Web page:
The main advantage of sexual reproduction is the fact that it introduces genetic variation. Giving new organisms half the genome of each parent means that they will be unique living beings rather than clones of their parents (Miller, n.d.). This random variation gives the species a chance to gain new traits that could improve their chances of survival. Asexual reproduction creates copies of the same organism, essentially eliminating the chance of any improvement between generations.
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Although sexual reproduction has the potential to allow for evolutionary changes, it is far more complicated than the alternative. Asexual reproduction’s primary advantage is the fact that it can be carried out without a mate, which saves a substantial amount of energy that would be required to find a second parent (Advantages and Disadvantages, n.d.). This means that with sufficient resources, the population can start growing without any unnecessary delays.
Sexual reproduction cannot compete with such short-term efficiency, but it compensates for that with higher long-term survivability of the population. Having the same genetic code makes all specimens susceptible to the same diseases, and that can result in the extinction of an entire species (Advantages and Disadvantages, n.d.). The diversification introduced by sexual reproduction is nature’s way of ensuring that in a similar situation, some organisms might be more resistant to the virus.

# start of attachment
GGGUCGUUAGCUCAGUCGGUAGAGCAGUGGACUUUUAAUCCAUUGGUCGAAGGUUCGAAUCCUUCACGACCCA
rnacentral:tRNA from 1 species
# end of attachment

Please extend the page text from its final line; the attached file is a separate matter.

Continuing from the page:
The inherently higher survivability of the species as a whole also comes with a significant risk, as sexual activity can also spread diseases. In addition to the chance of transmitting an illness between mates, there is also a possibility of infecting the offspring with the same condition (Miller, n.d.). Asexual reproduction eliminates this risk by enabling the healthy specimens to multiply independently without endangering themselves or their breed.
Although sexual reproduction can bring some shortcomings of the parents into the next generation, it tends to favor positive traits. Thanks to the principle of natural selection, organisms with more suitable genetic makeup have a higher chance to survive long enough to find a mate and produce offspring. This means that eventually, the vast majority of the population will have the same advantageous genetic features.
Asexual reproduction does not have nearly as much genetic variability between different generations, but it can also take advantage of natural selection. If an error occurs during the copying of the chromosomes from the parent cell to the daughter cell, the new organism will have a mutation. If the mutation happens to be positive, the specimen can reproduce and achieve the same advancements that are usually reserved for sexual reproduction. Even though mutations are a rare occurrence, the high speed of asexual reproduction partially offsets this issue by dramatically increasing the number of generations within a set timeframe.
BBC Bitesize. (n.d.). Advantages and disadvantages of sexual and asexual reproduction. Web.
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Miller, K. (n.d.). 20 Advantages and Disadvantages of Sexual Reproduction. Web.